The complaints about the mechanical tilt switch seem to be far, FAR fewer these days, which suggests that Casio either fixed the problem OR they had a bad batch of switches which they either used up or replaced.

MANY G-Shocks feature a digital compass, but not the model that you bought. Casio is unlikely to add compasses to all of their models due to the additional cost AND because it would cut into sales of models that DO have a compass.

Many G's also feature user-settable backlights of either 1.5 OR 3 seconds, which WOULD be nice to see implemented in all future models. It's a feature that's on most of my solar/atomic models so it looks like you just picked one of the few models without it. :-(


Also... Sapphire instead of mineral glass...
Everybody claims they want sapphire crystals because they reduce glare and make watches easier to read, BUT sapphire is apparently more liable to break than mineral glass, which is why Casio picked mineral glass for watches that were designed to survive a 10 meter fall.

If we could have glare- AND shatter-resistant in one reasonably priced crystal that would be ideal, but since Casio apparently can't create that, they chose "durability" over "sapphire" in all but the highest-end models.
 

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Discussion Starter #13
Are you hoping for all of that in a "square" like the GW-M5610, or just all in one watch? :)

The complaints about the mechanical tilt switch seem to be far, FAR fewer these days, which suggests that Casio either fixed the problem OR they had a bad batch of switches which they either used up or replaced.

MANY G-Shocks feature a digital compass, but not the model that you bought. Casio is unlikely to add compasses to all of their models due to the additional cost AND because it would cut into sales of models that DO have a compass.

Many G's also feature user-settable backlights of either 1.5 OR 3 seconds, which WOULD be nice to see implemented in all future models. It's a feature that's on most of my solar/atomic models so it looks like you just picked one of the few models without it. :-(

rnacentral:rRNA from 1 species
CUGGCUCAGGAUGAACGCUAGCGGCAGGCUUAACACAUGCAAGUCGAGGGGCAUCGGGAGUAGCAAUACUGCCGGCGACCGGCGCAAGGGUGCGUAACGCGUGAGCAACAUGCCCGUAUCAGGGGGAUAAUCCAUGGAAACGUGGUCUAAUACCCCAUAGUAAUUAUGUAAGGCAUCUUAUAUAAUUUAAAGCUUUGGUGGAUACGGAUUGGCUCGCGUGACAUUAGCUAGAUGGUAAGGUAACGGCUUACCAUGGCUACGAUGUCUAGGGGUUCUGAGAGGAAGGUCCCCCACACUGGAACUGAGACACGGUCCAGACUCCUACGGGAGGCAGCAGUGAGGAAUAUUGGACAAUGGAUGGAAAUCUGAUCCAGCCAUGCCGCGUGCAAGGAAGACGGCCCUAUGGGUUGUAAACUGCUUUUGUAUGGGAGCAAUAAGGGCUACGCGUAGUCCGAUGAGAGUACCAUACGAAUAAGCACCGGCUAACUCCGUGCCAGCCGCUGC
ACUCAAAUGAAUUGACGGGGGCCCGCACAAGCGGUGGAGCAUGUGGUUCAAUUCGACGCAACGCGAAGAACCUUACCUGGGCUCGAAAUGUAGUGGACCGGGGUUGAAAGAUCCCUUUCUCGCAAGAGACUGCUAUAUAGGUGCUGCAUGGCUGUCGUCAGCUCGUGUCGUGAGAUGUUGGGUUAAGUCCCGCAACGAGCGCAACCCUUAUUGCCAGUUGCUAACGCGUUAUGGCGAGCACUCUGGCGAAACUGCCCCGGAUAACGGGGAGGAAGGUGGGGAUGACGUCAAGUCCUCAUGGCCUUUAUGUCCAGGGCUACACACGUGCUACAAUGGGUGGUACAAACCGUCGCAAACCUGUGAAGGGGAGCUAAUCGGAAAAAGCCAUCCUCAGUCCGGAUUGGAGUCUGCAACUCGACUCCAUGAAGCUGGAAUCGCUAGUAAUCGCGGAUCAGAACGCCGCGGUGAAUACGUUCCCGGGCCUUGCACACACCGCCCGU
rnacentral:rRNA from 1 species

Everybody claims they want sapphire crystals because they reduce glare and make watches easier to read, BUT sapphire is apparently more liable to break than mineral glass, which is why Casio picked mineral glass for watches that were designed to survive a 10 meter fall.

If we could have glare- AND shatter-resistant in one reasonably priced crystal that would be ideal, but since Casio apparently can't create that, they chose "durability" over "sapphire" in all but the highest-end models.



I would like them to add these things to the GW-M5610
 

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I would like them to add these things to the GW-M5610
Sorry, but that's never going to happen, especially not AS the "GW-M5610." :-(

If they were going to produce a "square" with a compass, they probably would have done it by now.

A square with sapphire? That might happen with a Bluetooth model, along with firmware and programmable updates and alarms since they all of those features appeal to "cubicle warriors," but I can pretty much guarantee "sapphire" is never going to happen in a mass produced square G-Shock package, let alone WITH a compass.

GPS in a square? A lot of people are hoping, so that might actually happen. :-!

I don't even want to know how you think they can implement an accelerometer to do the job of a basic switch, especially at a similar price point, that's going to turn on the light after a series of very specific motions and WON'T turn the light on after most other motions. We want the light to come on when we angle our wrist a certain way, not every time we swing our arm. Since the basic switch does the job inexpensively, that's probably not going to be replaced. (For that matter, how many other companies even OFFER an automatic backlight? A fast Google suggests "not many" and "certainly not in many models." Casio is already king of that particular hill, so I wouldn't expect any changes unless someone else comes up with something MUCH better.)